What if my ex can’t pay child support

The pandemic has impacted all or nearly all parts of our lives. The biggest issue for millions of Americans is that they have been laid off, furloughed or unable to earn at their pre-pandemic level. Perhaps they can’t find new work. While the government has provided some assistance, many find that they cannot make ends meet.

It is a serious fear among parents, particularly if they are divorced. While court orders regarding payments remain in effect, a spouse may find herself or himself out of work and unable to meet the divorce agreement’s financial commitments.

State services available?

The first place many can turn to here in Colorado is Child Support Services. These offices manage all child support orders in each county and can often answer questions. They can also help with the children’s health insurance, enforcement, collecting payments, and make changes in an existing order.

Working it out between the parents

Those in this situation can seek relief, but they can’t legally agree to waive payments without a modification. It is common for parents to make short-term or permanent modifications when circumstances allow for it. Some options for doing this include:

  • Suspend: This can be for a fixed period, but the money is owed and needs to be paid within a specific period.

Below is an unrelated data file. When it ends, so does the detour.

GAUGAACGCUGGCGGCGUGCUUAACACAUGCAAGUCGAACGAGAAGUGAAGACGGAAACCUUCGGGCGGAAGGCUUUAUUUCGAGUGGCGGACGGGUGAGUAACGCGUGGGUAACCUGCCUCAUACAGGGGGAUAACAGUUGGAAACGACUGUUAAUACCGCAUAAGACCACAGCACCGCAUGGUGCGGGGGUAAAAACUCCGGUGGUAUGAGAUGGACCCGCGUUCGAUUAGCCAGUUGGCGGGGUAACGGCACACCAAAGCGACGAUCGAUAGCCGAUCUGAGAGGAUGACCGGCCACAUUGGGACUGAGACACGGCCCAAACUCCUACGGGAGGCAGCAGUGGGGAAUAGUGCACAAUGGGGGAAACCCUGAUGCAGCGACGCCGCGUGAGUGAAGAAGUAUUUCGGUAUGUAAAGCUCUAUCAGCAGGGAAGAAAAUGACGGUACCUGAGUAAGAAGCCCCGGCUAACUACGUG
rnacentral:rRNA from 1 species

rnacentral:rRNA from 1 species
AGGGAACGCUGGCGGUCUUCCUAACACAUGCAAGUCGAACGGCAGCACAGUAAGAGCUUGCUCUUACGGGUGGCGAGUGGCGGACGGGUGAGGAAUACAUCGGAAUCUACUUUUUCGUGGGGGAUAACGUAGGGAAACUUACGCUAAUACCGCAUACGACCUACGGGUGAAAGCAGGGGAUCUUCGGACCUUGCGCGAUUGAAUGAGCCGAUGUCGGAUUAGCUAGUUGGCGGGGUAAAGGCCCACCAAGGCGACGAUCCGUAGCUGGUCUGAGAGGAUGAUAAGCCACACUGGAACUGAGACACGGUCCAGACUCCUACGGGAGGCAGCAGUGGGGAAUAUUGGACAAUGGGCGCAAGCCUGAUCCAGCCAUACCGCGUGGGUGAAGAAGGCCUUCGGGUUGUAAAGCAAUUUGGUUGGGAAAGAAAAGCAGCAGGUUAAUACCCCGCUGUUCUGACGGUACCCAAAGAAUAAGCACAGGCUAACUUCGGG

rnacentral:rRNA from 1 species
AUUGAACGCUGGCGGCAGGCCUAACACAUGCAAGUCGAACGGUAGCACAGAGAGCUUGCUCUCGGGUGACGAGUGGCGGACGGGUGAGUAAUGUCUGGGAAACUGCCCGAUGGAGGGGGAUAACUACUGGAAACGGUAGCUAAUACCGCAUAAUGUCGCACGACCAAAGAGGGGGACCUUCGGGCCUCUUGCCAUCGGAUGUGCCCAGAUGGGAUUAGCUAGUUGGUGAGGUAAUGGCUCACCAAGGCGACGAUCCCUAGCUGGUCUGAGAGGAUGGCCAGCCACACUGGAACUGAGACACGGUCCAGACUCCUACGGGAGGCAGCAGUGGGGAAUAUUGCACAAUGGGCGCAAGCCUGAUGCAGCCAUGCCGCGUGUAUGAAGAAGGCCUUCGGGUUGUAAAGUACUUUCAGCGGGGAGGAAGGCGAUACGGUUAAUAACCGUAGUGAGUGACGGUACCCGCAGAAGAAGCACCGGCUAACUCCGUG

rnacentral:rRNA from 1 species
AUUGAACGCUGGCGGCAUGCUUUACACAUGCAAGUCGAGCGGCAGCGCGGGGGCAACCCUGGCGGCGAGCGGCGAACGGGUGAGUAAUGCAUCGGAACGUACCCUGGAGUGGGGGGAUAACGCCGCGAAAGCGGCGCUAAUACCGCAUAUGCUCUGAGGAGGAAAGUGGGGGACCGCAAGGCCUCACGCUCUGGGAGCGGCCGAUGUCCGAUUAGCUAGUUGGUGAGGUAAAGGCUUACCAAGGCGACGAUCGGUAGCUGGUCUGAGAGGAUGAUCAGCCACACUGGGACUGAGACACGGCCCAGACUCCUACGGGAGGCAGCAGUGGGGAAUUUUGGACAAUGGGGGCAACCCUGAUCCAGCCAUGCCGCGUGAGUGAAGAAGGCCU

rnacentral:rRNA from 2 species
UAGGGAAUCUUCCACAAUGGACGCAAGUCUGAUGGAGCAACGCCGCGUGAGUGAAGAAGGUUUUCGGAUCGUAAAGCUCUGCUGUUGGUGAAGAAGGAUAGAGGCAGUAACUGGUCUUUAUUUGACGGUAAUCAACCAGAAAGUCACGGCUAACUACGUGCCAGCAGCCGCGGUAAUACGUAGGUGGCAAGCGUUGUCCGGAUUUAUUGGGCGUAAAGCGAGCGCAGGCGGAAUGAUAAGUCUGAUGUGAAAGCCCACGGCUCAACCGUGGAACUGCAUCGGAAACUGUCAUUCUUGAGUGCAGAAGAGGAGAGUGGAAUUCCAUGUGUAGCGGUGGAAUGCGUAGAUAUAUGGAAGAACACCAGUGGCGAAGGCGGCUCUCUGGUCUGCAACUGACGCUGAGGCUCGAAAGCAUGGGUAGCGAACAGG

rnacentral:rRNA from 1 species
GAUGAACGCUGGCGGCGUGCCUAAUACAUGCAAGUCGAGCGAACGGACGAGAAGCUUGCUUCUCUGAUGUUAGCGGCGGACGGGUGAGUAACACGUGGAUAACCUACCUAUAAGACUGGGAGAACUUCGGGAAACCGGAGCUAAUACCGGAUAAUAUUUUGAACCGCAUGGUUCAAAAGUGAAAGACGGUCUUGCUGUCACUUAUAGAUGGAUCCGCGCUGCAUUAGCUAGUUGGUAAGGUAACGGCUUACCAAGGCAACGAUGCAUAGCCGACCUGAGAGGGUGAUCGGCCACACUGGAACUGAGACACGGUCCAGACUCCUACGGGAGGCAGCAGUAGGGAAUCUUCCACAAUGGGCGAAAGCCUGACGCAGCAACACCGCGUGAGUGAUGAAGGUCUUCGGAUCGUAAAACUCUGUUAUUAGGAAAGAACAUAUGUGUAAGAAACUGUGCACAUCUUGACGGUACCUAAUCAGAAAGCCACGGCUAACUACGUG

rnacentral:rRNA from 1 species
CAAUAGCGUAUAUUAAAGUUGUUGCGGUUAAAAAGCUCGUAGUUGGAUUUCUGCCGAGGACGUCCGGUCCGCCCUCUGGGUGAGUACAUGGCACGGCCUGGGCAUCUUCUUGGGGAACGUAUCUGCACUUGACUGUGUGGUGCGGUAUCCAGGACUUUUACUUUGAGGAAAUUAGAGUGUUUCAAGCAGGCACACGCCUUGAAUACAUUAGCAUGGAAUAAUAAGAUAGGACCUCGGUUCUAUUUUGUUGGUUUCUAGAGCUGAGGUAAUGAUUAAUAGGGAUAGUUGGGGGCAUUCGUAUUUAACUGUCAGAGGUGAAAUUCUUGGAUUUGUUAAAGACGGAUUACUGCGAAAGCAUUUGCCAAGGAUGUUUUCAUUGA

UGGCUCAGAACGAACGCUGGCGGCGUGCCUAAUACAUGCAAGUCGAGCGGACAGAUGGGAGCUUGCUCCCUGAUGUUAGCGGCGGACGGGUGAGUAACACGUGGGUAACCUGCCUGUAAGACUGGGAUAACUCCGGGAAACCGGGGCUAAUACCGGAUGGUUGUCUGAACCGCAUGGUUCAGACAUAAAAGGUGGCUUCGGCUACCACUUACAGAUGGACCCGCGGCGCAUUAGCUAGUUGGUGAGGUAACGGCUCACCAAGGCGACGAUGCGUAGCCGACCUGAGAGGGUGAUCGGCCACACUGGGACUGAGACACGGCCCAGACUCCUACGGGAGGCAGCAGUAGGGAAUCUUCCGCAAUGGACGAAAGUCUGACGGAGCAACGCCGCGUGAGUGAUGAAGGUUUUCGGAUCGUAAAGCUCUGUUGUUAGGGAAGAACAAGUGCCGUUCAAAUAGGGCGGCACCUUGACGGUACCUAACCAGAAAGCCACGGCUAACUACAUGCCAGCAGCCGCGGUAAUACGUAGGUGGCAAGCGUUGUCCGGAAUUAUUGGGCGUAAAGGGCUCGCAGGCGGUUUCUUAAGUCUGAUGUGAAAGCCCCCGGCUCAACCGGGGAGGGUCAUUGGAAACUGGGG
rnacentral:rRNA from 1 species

• Reduce: This can be a temporary agreement.

The two sides must confer (often with lawyers representing them) before filing one of the above motions to modify child support payments. Those who miss or reduce payments without a court agreement risk legal sanctions that include fines, attorney fees, jail, or other penalties.

Motion to modify support

This is a permanent change. The two sides will often use mediation, which can be conducted by phone or Zoom, Skype or another video format. They then file a motion to modify support. At this time, the courts are operating at a limited level, so it will likely be months before it is official. Until that time, all payments are still due. Interest on missed child support payments is steep at 12%, which is compounded monthly.

Each situation is different

Those with questions about their circumstances can contact an attorney who handles family law matters here in Colorado. These legal professionals can help resolve disputes equitably and can even provide creative solutions to these matters.

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